Guest Post: Eternal Mercury, Organ Donation, and Cellular Memory When I first realized that I wanted to write a book, I knew that I wanted it to be different. Shortly after I began brainstorming for that unique idea, a car-crash scene on a mountain highway started playing in my head. Not only was I looking for a unique story idea, but I was also looking for a positive message. I began to wonder if, instead of something scary like a ghost, could something good be left after someone died? The answer became clear to me: organ donation. What could be more beautiful than that? And what could be more romantic than true love that could survive the boundaries of death? To my surprise, the idea turned out to be more realistic than I expected. Through research I discovered the phenomenon of cellular memory. Cellular memory is when people who receive transplants take on traits of people whose organs they receive. It’s rare, but when it does happen, it can come in the form of food cravings, changes in musical taste or hobbies, and sometimes even glimpses at other things about the donor. Although the level of cellular memory I portrayed in Eternal Mercury is fictional, the need for organs definitely isn’t. It’s hard to think about death, and the common misconceptions about organ donation don’t help. But by understanding the facts and then making your decision known, you just might be able to bring something good out of the bad. That part of Eternal Mercury isn’t based on fiction. Here are the facts: Over 100,000 people, including kids, are in need of transplants. Over 20 of them die waiting each day. One person can save up to seven lives by donating their heart, liver, kidneys, lungs, pancreas, and small intestine. That same person can improve the lives of many others through the donation of tissues such corneas, skin, veins, tendons, ligaments, and bones. You won’t receive less medical care if you decide to become a donor. Doctors and nurses make every possible effort to save their patients’ lives and will not even consider organ donation unless a person dies. Income, social status, and race are not factors in deciding who receives organ transplants. You’ll be helping people who need it the most and your family will not be charged for the procedure. Most major religions support organ donation. I’m not sure that there could be a more loving or selfless gift, but don’t be afraid to check with your spiritual advisor. Almost anyone can be an organ donor. Age and/or medical history don’t necessarily disqualify you. The most important thing you can do is let your family know whether or not you want to be an organ donor. No matter what you decide, telling your family will save them from the pain of trying to guess your wishes at a time when that’s the last thing they need. And if the choice is right for you, to let someone else continue on when you’ve reached the end down here, don’t think about what it means for you; instead think of the incredible gratitude you’d feel if someone did it for you or someone you love.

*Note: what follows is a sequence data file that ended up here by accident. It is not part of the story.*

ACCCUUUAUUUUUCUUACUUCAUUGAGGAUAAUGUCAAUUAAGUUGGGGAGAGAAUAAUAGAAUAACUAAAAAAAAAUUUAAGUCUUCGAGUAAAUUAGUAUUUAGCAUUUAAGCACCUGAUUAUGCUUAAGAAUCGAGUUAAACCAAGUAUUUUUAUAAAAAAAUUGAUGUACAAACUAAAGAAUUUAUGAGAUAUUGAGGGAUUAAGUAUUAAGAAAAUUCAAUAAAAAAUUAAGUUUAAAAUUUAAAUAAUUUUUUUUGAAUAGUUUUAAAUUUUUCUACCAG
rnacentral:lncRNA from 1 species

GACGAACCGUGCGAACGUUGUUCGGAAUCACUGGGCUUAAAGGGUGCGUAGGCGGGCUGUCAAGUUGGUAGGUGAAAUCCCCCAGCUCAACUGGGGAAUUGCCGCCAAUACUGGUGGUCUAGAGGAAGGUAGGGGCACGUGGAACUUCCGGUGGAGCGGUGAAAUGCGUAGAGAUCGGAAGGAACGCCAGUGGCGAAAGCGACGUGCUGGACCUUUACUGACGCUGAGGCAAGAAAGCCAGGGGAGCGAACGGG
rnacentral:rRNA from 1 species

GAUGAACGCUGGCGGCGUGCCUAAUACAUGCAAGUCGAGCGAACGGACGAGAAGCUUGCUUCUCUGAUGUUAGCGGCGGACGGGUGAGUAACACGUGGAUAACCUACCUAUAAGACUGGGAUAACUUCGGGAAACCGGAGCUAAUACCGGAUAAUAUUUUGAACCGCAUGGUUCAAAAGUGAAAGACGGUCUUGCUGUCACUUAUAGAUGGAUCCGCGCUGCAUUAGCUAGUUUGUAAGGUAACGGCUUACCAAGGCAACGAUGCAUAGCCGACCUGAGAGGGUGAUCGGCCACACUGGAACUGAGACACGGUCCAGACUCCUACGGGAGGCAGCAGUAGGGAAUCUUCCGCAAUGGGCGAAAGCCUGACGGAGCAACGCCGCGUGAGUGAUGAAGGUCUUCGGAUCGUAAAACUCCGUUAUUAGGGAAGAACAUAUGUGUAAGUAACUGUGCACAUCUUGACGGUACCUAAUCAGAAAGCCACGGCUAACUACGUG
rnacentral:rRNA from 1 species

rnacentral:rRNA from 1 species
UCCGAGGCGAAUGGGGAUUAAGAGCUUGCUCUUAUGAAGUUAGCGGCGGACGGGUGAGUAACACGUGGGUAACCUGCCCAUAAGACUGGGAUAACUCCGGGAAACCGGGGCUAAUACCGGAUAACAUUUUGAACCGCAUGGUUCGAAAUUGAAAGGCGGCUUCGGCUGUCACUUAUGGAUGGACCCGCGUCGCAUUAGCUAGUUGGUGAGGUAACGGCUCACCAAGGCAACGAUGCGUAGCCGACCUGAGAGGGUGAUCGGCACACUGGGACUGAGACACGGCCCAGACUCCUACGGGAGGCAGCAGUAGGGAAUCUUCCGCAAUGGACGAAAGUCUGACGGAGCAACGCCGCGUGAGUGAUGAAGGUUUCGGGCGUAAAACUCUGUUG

Author Elaine Pinter Elaine Pinter lives in Boise, Idaho with her husband and son. When she’s not hanging out with them, she’s jotting down ideas for her next novel in the tattered notebook she carries everywhere. Her writing journey began in June of 2012 when a reading spree set off an unexpected chain of events. After poring over the pages, her own ideas began to appear and she found herself glued to her laptop after her family went to bed every evening. The late nights continued until her first two YA romance novels, Eternal Mercury and Between the Starlight, were published. She’s one of those hopeless romantics who believes love always wins and that the best stories are the ones that drag you through the tears and reward you with a smile when all the pieces fit together perfectly in the end.
Blog Tour Giveaway $25 Amazon Gift Card or Paypal Cash Ends 7/26/16 Open only to those who can legally enter, receive and use an Amazon.com Gift Code or Paypal Cash. Winning Entry will be verified prior to prize being awarded. No purchase necessary. You must be 18 or older to enter or have your parent enter for you. The winner will be chosen by rafflecopter and announced here as well as emailed and will have 48 hours to respond or a new winner will be chosen. This giveaway is in no way associated with Facebook, Twitter, Rafflecopter or any other entity unless otherwise specified. The number of eligible entries received determines the odds of winning. Giveaway was organized by Kathy from I Am A Reader and sponsored by the author. VOID WHERE PROHIBITED BY LAW. a Rafflecopter giveaway